Chair manufacturers and distributors continue to invent better ways to serve the needs of the special event industry.
To reduce shipping costs, chiavari chairs are now available in ready-to-assemble versions. "The concept is based on the Ikea model," says Paul Segal, vice president of Santa Ana, Calif.-based event equipment distributor Regal Interna-tional. "You get the chair in pieces and assemble it yourself." The new chairs, which Regal introduced at The Special Event in San Diego in Jan-uary, can also be taken apart again to store during the off-season, he says.
Richwood Imports of Ont-ario, Calif., also came out with a patent-pending, ready-to-assemble chiavari chair this year. According to company president Hongfei He, sending the chairs from California to the East Coast in pieces reduces the per-chair shipping cost from $7 to about $2.
The chair sets come with screws, glue and instructions, and "you don't have to be a carpenter to fit them together," He says. She estimates assembly time at five minutes. Unlike Regal's model, the Richwood chairs are not designed to be taken apart again.
Folding chairs are growing more sophisticated and durable.
Event Equipment Sales of Countryside, Ill., has come out with a silver-colored wooden model that marketing manager Debra Shipper touts as an economical alternative to the chia-vari chair. "They look more high-end than regular folding chairs," she explains, adding that the color silver is in great demand for special events.
White chairs are still big for weddings, He says, noting that Richwood introduced a resin folding chair this year as an alternative to the traditional white wooden wedding chair. She says that unlike wood, resin doesn't break or crack and won't need repainting. The new resin model costs the same as the company's wooden models, she says.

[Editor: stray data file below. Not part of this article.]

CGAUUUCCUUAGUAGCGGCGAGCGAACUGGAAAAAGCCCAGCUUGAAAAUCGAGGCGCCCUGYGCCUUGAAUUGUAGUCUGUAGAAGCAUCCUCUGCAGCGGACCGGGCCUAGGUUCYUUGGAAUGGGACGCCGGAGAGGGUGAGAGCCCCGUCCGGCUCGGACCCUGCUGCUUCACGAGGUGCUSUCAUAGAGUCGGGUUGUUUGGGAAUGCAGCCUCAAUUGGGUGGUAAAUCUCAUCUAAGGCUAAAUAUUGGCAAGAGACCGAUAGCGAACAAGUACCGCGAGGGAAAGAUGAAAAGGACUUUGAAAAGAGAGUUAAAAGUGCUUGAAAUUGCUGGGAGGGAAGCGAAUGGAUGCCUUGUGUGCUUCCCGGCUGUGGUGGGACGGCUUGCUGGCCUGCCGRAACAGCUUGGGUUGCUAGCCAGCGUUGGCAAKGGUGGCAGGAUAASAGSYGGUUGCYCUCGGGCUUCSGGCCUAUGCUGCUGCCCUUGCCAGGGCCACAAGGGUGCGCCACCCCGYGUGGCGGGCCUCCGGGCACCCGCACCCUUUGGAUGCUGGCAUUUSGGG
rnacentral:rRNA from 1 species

COVER IT UP
Experts stress the importance of protecting chairs during transport and storage.
If you are crafty, this won't cost you much. "I've seen rental dealers take old table linens and turn them into sleeves that fit over a stack of chairs," Segal says. "It keeps the dust off when the chairs are in storage and protects them during transportation."
Don't have time to make covers? Try ready-made versions.
To protect wooden folding chairs, Richwood offers burlap chair bags.
For preserving stacking chairs, Chicago-based manufacturer Table-scapes Design just came out with heavy-duty, synthetic-fiber covers that slip "over the entire stack-up to 10 chairs," says Kathy Ruff, president. To protect the bottoms of chair legs and prevent damage to ballroom floors, Tablescapes offers clear, plastic "feet" that slide over the leg bottoms.
Taking a cue from customer feedback, Event Equipment Sales offers individual chair protectors for stacking chairs. "Our customers complained that the front portion of the chair seats and the top spindles were getting scratched during transport when stacked," Shipper explains. Made out of vinyl with a cotton lining, the mats fit between stacking ballroom chairs to prevent them from damaging one another.
Resources: Event Equipment Sales, 800/337-0093, 708/352-0662, www. eventeqptsales.com; Regal International, 800/457-3425, 714/424-6320, www.regalinternational.com; Rich-wood Imports, 888/991-5656, 909/930-6677, www.richwood-imports. com; Tablescapes Design, 800/918-6500, 312/733-9700